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Norman Rockwell Museum teams up with leading cartoon artists to offer some much needed comedic relief

Liza Donnelly, Freedom to Make You Shut Up, 2010 for United Nations Cartooning for Peace Liza Donnelly

The Norman Rockwell Museum in Stockbridge, Massachusetts, is hoping to offer folks a socially distanced virtual chuckle during this otherwise downer of a year with its virtual series Finding Funny in Complicated Times, where today’s foremost cartoonists, illustrators and editors will discuss the power of cartoons to “to provide a little stress relief at a time when it’s needed most, and to open up conversations in ways that words alone cannot”, says Stephanie Plunkett, the chief curator of the museum.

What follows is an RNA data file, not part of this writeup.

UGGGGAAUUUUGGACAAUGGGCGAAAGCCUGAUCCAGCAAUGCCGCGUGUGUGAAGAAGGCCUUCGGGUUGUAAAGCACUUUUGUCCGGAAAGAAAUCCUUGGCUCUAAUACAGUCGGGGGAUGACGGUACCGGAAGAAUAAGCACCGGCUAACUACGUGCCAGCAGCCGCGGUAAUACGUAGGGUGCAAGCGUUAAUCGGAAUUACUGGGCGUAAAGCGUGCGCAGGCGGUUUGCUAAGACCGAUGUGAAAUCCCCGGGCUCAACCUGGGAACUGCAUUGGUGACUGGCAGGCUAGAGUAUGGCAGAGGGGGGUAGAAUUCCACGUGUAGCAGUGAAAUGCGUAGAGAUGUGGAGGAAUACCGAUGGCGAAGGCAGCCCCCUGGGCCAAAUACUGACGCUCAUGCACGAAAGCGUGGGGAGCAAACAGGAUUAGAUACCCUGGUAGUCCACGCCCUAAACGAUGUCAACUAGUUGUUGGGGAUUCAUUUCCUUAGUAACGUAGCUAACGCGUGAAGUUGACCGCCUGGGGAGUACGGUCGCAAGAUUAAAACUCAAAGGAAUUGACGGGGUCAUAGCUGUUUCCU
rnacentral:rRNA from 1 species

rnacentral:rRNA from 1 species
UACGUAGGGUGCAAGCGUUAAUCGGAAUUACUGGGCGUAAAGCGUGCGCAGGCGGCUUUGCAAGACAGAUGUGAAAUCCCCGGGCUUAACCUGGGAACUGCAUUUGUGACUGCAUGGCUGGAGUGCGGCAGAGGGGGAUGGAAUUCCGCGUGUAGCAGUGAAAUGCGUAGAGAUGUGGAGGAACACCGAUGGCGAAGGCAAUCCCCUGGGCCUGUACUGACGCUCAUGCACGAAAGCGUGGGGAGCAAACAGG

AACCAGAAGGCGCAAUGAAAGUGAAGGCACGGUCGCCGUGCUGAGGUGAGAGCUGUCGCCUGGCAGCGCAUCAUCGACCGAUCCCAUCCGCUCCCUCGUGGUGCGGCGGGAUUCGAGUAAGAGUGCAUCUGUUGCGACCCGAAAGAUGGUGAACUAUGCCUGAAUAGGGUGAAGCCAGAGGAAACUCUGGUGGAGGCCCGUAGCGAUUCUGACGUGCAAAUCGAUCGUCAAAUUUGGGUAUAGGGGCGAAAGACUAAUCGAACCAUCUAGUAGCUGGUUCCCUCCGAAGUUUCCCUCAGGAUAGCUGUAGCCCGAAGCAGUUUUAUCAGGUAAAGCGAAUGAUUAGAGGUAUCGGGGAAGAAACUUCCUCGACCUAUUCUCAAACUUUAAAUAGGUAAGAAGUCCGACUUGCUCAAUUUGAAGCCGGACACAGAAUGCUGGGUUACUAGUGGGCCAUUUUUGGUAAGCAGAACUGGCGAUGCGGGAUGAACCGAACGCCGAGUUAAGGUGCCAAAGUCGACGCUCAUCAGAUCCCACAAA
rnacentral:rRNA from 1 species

The series coincides with an exhibition devoted to the prolific New Yorker cartoonist Liza Donnelly (on view until 27 September). The artist “offers perspective and humour that awakens the soul, stirs the heart and invites reflection and new ways of seeing”, Plunkett says. “She has an unique approach that gently reflects on themes of love and relationships, feminism, politics, the Covid-19 pandemic and the Black Lives Matters movement.”

The light-hearted virtual event kicks off on 4 August (until 1 September) with a conversation between Donnelly and her husband, the New Yorker cartoonist Michael Maslin, on their careers and how their marriage has influenced their decades-long creative work for the magazine, while future events will delve into topics like the political power of cartoons. The museum promises that each talk will contain some jokes, since “everyone needs a laugh right now,” Plunkett says.